The response to a deeply religious Christian man--however flawed--has been anything but Christian....
Just a few days ago Missouri Congressman (and GOP Senate candidate) Todd Akin roiled our collective emotional centers with his misguided medical information and his abhorrent choice of words.
By now everyone is likely aware of what he said. Speaking on a Sunday morning talk show in St. Louis, Akin responded to a question about abortion in the case of rape, an exception with which he strongly disagrees. In defending his position, he sloppily said that “If it’s a legitimate rape, the female body has ways to try to shut the whole thing down.” It was a blunder of epic proportion, especially when considering that the question couldn’t have been a surprise to the Congressman.
The responses, immediate and pointed, blanketed both social and traditional media and by late afternoon of that same day Akin had issued an apology, suggesting that he had simply used the wrong words. “In reviewing my off-the-cuff remarks,” he wrote, “it's clear that I misspoke in this interview and it does not reflect the deep empathy I hold for the thousands of women who are raped and abused every year.”
Here, of course, is not where the story ends, but where it begins.
Reactions were strong and swift; anyone looking for news on other topics likely found themselves at a loss as broadcast after broadcast and post after post offered facts, quotes and assorted punditry on the subject. For once—a rarity in today’s polarizing political climate—everyone seemed to agree: Akin should have dropped out of the race. His comments, it was agreed, made him unsuitable for the role of candidate for the United States Senate.
On the right, everyone from presumed candidate Mitt Romney to coarse pundit Ann Coulter has strongly suggested that Akin drop out. Romney said that Akin’s comments were “offensive and wrong” and wants the Congressman to “very seriously consider what course would be in the best interest of our country.” Coulter, making the topic personal, wrote that she “won’t hate Todd Akin officially unless he refuses to withdraw from the Missouri Senate race.” Calls for Akin to step aside multiplied, and now include Sean Hannity, Charles Krauthammer and the editorial board of The National Review, among others. (Despite these calls, as we now know, Akin has not dropped out, putting his faith in the people of Missouri.)
On the Democratic side the responses were predictable; politicians and broadcasters rushed to paint the entire GOP with Akin-colored brushstrokes. Debbie Wasserman Schultz, chair of the Democratic National Committee, immediately used the incident as a fundraising opportunity, sending out an email in which she wrote that she was “outraged at the Republicans trying to take women back to the Dark Ages." Ed Schultz, on his August 20th broadcast, called the comments “outrageous,” and then rushed to make connections between Akin’s statement, GOP ideology, and the sporadic and inconsistent positions of Mitt Romney on the topic of abortion.
All of these responses are self-serving and politically motivated. The Republican responses rapidly coalesced around the ways in which Akin’s continued candidacy might hurt the party’s opportunities, both in its march to hopefully reclaim the Senate (by winning the Missouri seat from Claire McCaskill and thereby adding a plus-one to the count) and the presidency (by putting Missouri more solidly back into play for Obama). The Democrats, meanwhile, responded with harshness and fervor, using Akin’s words as an opportunity to revitalize the War on Women rhetoric that claims the GOP is looking to reverse decades of gains made by women.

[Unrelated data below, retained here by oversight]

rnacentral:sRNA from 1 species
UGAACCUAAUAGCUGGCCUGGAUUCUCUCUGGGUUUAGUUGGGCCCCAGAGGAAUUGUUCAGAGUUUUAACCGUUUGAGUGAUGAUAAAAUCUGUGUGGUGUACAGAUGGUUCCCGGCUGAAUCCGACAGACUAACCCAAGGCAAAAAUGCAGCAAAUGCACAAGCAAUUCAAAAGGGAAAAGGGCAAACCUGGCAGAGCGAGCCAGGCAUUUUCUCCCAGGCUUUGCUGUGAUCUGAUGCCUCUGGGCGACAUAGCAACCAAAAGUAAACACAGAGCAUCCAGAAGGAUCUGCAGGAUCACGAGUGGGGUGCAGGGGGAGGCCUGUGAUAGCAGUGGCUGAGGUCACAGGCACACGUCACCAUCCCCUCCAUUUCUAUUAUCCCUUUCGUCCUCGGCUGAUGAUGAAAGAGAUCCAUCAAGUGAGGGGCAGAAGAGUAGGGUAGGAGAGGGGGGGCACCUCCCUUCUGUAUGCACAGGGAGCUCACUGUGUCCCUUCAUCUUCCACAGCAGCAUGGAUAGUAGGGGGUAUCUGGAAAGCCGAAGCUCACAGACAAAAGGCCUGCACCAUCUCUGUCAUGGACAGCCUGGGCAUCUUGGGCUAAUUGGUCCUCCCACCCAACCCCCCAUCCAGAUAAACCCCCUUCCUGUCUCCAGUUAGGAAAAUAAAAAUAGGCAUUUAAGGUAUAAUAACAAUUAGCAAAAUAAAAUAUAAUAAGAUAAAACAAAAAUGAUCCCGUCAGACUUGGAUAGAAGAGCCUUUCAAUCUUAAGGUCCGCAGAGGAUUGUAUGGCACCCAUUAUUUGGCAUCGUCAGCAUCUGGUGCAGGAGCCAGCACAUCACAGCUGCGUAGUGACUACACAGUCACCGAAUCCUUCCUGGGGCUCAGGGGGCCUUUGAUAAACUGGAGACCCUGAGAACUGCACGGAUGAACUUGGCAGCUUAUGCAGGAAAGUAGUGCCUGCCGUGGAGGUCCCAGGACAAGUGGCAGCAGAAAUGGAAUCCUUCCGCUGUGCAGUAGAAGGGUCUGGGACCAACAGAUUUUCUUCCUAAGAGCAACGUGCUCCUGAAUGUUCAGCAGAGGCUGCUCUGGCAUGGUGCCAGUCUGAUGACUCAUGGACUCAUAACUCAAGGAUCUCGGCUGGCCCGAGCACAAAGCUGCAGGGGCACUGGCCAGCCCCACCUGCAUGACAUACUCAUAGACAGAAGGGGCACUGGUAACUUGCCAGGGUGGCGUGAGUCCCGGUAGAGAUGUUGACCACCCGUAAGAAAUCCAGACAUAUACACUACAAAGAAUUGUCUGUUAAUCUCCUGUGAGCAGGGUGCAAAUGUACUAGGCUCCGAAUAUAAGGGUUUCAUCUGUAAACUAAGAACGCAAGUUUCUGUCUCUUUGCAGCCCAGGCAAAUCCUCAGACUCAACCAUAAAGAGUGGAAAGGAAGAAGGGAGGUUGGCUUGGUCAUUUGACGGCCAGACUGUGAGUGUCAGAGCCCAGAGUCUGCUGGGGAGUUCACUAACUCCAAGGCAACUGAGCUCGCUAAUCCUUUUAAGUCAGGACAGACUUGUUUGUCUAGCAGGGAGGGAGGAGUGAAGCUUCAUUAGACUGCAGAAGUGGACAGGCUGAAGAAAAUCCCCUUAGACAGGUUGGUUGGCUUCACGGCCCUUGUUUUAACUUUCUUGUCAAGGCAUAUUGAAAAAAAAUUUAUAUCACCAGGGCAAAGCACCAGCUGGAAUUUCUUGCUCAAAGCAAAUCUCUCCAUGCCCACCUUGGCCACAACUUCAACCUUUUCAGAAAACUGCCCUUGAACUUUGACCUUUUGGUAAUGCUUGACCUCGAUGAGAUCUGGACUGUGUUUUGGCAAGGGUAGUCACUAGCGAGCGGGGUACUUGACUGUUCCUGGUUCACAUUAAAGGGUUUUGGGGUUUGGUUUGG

But few, it seems, have taken a deeper look into either Akin’s heart or their own, recognizing that, despite the words he chose, Akin speaks from a deeply religious conviction, a deeply Christian conviction. And by ignoring that reality, we also ignore the possibility of our own Christian responses, our own call to forgiveness.
Neither side has taken a moment to heed James when he says, that “man's anger does not bring about the righteous life that God desires,” nor Paul, who writes in 1 Corinthians 13:1 that “if I speak in the tongues of men and of angels, but have not love, I am only a resounding gong or a clanging cymbal.”
And no one has remembered the words of Jesus, who said in Matthew 7:1, “Do not judge, or you too will be judged.”
All of this is not to absolve Congressman Akin, nor to suggest that forgiveness means that we should accept (or, worse, forget) his words and beliefs, but this lack of Christian sympathy on issues most Christian has become a frightening hallmark of politics. Whether the subject is school prayer, the appearance of the Ten Commandments in a courtroom, or the renaming of a traditional Christmas tree as a “holiday” tree, we continually create a sharp, unforgiving divide. We judge and are judged. We are angry and unrighteous. We are resounding gongs and clanging symbols.
I am reminded of a 2007 essay by Marvin Olasky, editor-in-chief of World, who offers this simple advice: “Be New Testament, not Old Testament.” He writes that the Old Testament model is one of subtraction and isolation around rules, laws and norms (a “zero-tolerance policy”), while the New Testament model is one of addition. “American Conservatism,” he writes, “can have a bright future, with God’s grace, if we are strong and courageous in developing positive alternatives…”
Congressman Akin’s comments provide us the opportunity to have serious discussions, potentially additive discussions, on a topic that has for decades divided our country in mind and soul. But instead we once again choose self-serving opinions, blasting and excoriating the other side, looking to subtract one set of beliefs or another, Old Testament style.
Why do we not wish to be better?